I don’t publish everything I write. An overwhelming majority of things, really. They’ve been sitting in a folder and I wanted to get them out there. It’s not because they’re bad: some are bad fit for anywhere paying and I don’t know what to do with them; some were written for a weekly fiction competition I enter and have been sitting in a forum archive that’s hard to point people at; some of them were written for a specific publication and rejected, but I’m still proud of them and wanted to put them out there. This site exists for all my other fiction to exist in one place: the fiction that didn’t quite make it, that I still love.
For many of us, comp titles are one of the hardest parts of pitching. You’re trying to find titles that: Match aesthetically with your MS Match thematically with your MS Are popular enough that the agent has heard of them Aren’t so popular that you look like you don’t know what you’re doing And that’s hard. So I’m going to break this down into two parts: The Great List of Swamps, wherein I go through all the things you shouldn’t do with comp titles. The Little List of Lights, where I talk about the rationale behind making good comp choices. But before we begin, the most important thing to remember: Rule #0: any rule mentioned in this article may be broken, but breaking it must[…]
I can’t believe I forgot to put this on the blog. I got a bit swept up in all the madness of it, but my debut novel The Dawnhounds came out in November 2019 and it’s … actually selling. I’m still a little bit speechless. I expected it to just drop off the world, but—much like its protagonist—it refuses to die pretty. I’ve written about it (and Gideon the Ninth, and others) for The Spinoff, and there’s an upcoming review in Landfall for y’all to look forward to. If you’re in NZ, you can order it much cheaper and faster from Unity or Arty Bees, but Amazon is available for international readers. Readers have described as “Ankh Morpork meets Ambergris”, “Disco Elysium meets Ambergris”, and[…]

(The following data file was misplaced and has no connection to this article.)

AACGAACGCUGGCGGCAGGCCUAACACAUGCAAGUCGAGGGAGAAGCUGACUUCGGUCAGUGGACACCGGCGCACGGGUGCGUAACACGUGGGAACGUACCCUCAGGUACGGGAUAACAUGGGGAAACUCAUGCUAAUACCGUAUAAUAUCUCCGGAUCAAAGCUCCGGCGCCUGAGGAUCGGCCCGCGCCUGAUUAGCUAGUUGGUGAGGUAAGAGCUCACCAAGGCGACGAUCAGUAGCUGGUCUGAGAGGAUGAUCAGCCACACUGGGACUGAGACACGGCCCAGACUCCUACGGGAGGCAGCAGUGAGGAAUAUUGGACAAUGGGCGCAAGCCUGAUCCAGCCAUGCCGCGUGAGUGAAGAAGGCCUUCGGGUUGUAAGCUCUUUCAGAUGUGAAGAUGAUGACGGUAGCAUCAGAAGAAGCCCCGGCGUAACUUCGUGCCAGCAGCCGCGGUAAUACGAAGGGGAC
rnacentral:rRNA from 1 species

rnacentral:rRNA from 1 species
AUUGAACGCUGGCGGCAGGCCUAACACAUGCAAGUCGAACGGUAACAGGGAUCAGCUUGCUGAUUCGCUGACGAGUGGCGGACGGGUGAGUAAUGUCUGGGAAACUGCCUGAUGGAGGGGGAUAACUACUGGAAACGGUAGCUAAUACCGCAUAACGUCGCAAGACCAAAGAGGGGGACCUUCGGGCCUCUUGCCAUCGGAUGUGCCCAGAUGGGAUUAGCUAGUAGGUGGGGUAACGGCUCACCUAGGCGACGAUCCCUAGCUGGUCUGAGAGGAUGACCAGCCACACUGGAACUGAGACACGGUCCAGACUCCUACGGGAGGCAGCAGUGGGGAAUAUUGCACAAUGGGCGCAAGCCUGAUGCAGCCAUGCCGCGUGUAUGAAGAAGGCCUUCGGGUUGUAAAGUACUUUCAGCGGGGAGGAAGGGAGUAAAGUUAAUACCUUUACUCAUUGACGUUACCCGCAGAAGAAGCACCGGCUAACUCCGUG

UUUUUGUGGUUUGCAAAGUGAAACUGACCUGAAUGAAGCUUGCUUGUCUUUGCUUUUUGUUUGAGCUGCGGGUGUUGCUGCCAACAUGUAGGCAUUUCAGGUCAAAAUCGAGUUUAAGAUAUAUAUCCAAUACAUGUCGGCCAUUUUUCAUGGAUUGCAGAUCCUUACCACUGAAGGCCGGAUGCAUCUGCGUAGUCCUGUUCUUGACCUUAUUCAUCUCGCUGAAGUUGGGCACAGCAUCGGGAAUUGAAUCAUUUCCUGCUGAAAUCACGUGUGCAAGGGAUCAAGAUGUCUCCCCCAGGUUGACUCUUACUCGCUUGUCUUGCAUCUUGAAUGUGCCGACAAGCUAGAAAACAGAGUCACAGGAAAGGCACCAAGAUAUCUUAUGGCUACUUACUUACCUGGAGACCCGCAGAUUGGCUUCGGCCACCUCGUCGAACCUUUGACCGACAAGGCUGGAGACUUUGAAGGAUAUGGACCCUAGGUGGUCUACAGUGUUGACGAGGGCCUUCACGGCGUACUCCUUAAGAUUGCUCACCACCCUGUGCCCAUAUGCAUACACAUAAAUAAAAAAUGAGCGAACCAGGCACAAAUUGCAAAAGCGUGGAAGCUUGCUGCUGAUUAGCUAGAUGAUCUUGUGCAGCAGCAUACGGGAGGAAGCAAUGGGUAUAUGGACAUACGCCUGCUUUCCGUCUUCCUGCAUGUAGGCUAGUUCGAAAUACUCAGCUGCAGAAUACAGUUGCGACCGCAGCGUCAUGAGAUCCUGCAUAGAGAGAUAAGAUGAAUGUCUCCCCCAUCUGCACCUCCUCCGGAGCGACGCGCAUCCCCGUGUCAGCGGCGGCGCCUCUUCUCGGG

My mate’s Charlie’s dad grows truffles and magic mushies out in the Moutere. He’s a tall guy, big-boned but skinny: got a head shaped like a tissue box. Charlie looks like his old man, but writ small—he’s got that flick of delicacy about him. Anyway, there’s an old place out on his block that we used to smoke weed in. Now most places like that are covered in graffiti, filled with rigs and dirty undies, but this place was fucking pristine. A perfect 20s farmhouse, preserved in amber, not even rust on the kettle. One time, me and Charlie are blazing up and we hear—I swear to fucking god mate—jazz. Coming from inside the house. It was maybe 9pm, middle of summer, sun still refusing[…]
Really it’s more of a ramp Every day I walk down the same steps as Katherine Mansfield; the asphalt zigzag where the fennel grows wild or I did until I realised I could shave five minutes off my commuteby going through the carpark, behind the skips.My mother was born here, when the fennel still grew. She read me Mansfield when I was too young, andcould not understand. I know better than to reference better poets; you call their name, you welter in their shadow, so insteadIt is mild today. A tui watches from the power lines. A tradie eats a six dollar pie. Steak and fennel. It is a three dollar pie, but moreso. Nevermind the world is ending A tradesman on smoko, an old supermarketa certain not-today-ness. Let us talk[…]